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Pesticides Toxic to Shrimp and Snails, Scientists Gain New Insight

May 08, 2014 03:24 PM EDT

An international team's groundbreaking research has revealed a new approach for better understanding the harmful effects pesticides have on aquatic invertebrates like shrimps and snails.

Aquatic invertebrate species are abundant in European freshwaters. They are important for decomposing organic material, and given that they are towards the bottom of the food chain, they are an important food source for higher level species.

But these some 7,000 species are regularly exposed to and combating toxic pesticides lurking in their waters, the result of spray drift, leaching or run-off from fields.

A team of scientists from the UK, Switzerland and Finland focused on how sensitive different species were to different toxins, as aquatic invertebrates do not respond similarly to various pollutants, past research shows.

"Our study introduces a systematic way of understanding the differences between species' reactions to pesticides," lead investigator Roman Ashauer, from University of York's Environment Department, said in a statement.

They stress the importance of toxicokinetics - biotransformation and distribution of the toxicants - as a means of explaining the variation in sensitivity to chemicals.

The research team looked at the effects of three pesticides - diazinon, imidacloprid and propiconazole - on the aquatic invertebrates Gammarus pulex (freshwater shrimp), Gammarus fossarum (freshwater shrimp) and Lymnaea stagnalis (pond snail). The former two pesticides, for example, are neurotoxic insecticides designed to kill pest insects.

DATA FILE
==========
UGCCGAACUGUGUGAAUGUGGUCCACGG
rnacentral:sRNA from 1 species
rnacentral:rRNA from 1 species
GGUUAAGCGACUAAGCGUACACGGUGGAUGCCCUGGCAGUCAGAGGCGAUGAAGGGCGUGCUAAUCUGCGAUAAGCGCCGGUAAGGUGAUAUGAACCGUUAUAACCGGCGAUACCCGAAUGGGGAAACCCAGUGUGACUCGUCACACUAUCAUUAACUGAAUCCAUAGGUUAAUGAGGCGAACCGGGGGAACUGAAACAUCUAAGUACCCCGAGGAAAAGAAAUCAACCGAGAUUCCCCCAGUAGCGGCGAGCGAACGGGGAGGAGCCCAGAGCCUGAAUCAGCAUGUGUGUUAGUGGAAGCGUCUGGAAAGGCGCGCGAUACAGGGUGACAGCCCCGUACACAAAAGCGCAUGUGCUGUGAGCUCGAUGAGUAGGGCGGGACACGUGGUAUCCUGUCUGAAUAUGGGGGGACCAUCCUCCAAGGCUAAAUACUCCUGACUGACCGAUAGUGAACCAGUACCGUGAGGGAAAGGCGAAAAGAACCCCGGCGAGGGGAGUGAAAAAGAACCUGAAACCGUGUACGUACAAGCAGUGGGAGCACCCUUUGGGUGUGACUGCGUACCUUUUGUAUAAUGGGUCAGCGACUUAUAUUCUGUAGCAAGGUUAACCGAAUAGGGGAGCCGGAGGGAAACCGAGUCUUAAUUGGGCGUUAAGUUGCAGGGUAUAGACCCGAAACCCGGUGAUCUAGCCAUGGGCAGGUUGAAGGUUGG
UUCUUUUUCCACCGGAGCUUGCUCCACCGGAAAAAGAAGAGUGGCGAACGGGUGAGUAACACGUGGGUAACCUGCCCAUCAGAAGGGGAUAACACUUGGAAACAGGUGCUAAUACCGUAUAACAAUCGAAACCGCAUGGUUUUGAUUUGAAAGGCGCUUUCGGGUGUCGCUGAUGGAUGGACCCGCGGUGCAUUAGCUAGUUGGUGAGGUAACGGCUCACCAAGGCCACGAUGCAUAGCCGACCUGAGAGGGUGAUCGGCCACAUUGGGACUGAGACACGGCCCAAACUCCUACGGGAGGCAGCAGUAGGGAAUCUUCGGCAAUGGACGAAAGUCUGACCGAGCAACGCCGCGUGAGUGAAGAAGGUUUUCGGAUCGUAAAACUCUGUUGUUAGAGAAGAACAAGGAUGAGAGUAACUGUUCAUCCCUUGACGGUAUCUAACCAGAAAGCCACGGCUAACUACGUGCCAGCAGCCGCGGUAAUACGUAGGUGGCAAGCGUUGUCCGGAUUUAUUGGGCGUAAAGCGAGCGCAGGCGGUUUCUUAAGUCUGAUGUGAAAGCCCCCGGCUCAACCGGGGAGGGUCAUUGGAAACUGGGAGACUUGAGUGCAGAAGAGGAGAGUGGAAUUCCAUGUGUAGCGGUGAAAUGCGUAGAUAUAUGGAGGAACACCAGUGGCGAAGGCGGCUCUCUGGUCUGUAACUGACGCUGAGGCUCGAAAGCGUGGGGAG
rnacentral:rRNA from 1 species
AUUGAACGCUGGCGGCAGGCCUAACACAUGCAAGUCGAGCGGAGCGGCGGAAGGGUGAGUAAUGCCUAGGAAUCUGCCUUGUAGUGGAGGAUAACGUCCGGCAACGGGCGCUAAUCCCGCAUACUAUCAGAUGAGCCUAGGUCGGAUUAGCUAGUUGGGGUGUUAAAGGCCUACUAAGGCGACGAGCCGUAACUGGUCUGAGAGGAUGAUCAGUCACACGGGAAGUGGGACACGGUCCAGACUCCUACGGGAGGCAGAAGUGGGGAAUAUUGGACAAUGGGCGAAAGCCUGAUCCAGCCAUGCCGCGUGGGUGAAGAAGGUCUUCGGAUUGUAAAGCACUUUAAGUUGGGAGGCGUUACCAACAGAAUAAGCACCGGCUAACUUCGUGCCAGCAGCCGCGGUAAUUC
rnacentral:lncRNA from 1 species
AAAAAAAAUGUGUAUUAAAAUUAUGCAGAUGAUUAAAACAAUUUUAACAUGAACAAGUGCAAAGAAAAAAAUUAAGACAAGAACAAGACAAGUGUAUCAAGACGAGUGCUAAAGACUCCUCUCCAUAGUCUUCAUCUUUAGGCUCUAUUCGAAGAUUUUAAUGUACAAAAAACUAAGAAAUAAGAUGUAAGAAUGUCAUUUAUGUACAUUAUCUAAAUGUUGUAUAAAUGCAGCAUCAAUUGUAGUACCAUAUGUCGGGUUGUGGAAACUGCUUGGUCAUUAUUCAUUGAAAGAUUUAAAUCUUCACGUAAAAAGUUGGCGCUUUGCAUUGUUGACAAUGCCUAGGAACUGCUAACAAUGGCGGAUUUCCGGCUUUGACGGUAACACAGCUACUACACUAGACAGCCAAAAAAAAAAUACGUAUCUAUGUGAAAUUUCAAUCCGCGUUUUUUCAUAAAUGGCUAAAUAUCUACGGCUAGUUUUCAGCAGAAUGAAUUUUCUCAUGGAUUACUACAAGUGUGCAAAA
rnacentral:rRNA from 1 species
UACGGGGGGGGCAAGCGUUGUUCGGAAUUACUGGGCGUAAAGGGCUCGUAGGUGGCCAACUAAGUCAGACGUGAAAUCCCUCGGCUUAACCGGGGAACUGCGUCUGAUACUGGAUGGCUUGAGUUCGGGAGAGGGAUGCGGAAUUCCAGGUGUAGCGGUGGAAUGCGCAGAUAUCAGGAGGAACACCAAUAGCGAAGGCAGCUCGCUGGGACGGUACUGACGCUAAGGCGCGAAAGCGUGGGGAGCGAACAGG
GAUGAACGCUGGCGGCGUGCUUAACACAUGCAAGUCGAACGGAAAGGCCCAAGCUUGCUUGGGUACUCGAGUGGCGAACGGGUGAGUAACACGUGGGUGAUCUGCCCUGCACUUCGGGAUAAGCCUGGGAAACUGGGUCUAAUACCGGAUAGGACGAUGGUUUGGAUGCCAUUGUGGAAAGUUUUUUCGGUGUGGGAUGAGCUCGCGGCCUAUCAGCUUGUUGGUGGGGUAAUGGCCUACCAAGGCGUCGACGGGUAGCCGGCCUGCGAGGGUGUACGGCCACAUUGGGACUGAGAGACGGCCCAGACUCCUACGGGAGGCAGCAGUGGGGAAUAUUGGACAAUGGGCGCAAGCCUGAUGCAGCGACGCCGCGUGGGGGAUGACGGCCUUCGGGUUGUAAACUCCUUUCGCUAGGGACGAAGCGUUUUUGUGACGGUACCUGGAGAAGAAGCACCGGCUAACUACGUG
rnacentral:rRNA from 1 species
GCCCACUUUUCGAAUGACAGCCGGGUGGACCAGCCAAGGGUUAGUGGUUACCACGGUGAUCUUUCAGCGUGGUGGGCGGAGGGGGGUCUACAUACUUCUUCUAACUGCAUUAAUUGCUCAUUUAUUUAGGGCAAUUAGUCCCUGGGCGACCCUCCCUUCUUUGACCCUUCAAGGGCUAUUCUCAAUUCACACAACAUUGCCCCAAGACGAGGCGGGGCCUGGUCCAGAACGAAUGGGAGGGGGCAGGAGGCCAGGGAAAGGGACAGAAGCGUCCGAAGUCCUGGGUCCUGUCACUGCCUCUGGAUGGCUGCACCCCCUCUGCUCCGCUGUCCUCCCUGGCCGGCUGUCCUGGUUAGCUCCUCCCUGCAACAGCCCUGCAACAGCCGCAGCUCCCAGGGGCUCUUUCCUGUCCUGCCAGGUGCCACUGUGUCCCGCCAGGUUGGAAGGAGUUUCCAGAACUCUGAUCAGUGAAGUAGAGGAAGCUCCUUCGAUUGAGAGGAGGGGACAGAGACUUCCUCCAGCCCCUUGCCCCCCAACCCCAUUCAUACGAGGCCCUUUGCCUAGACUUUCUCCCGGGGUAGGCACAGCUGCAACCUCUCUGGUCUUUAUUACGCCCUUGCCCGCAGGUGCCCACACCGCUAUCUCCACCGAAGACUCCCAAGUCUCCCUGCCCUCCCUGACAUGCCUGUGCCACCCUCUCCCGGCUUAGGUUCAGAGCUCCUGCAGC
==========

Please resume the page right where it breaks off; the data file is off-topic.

"We produced images of the pesticide distribution within the shrimps and snails to better understand which organs are at risk," Ashauer explained. "It turns out that for some pesticides the distribution in the body matters a lot, whereas for other pesticides it is the organism's ability to detoxify."

Although researchers can now pinpoint the exact location where toxins are concentrated in these invertebrates' bodies, takwaways from thsi research can be utilized to protect aquatic species.

"We need to better understand species' differences, because we want to kill the pests, but not all the other species in our environment."

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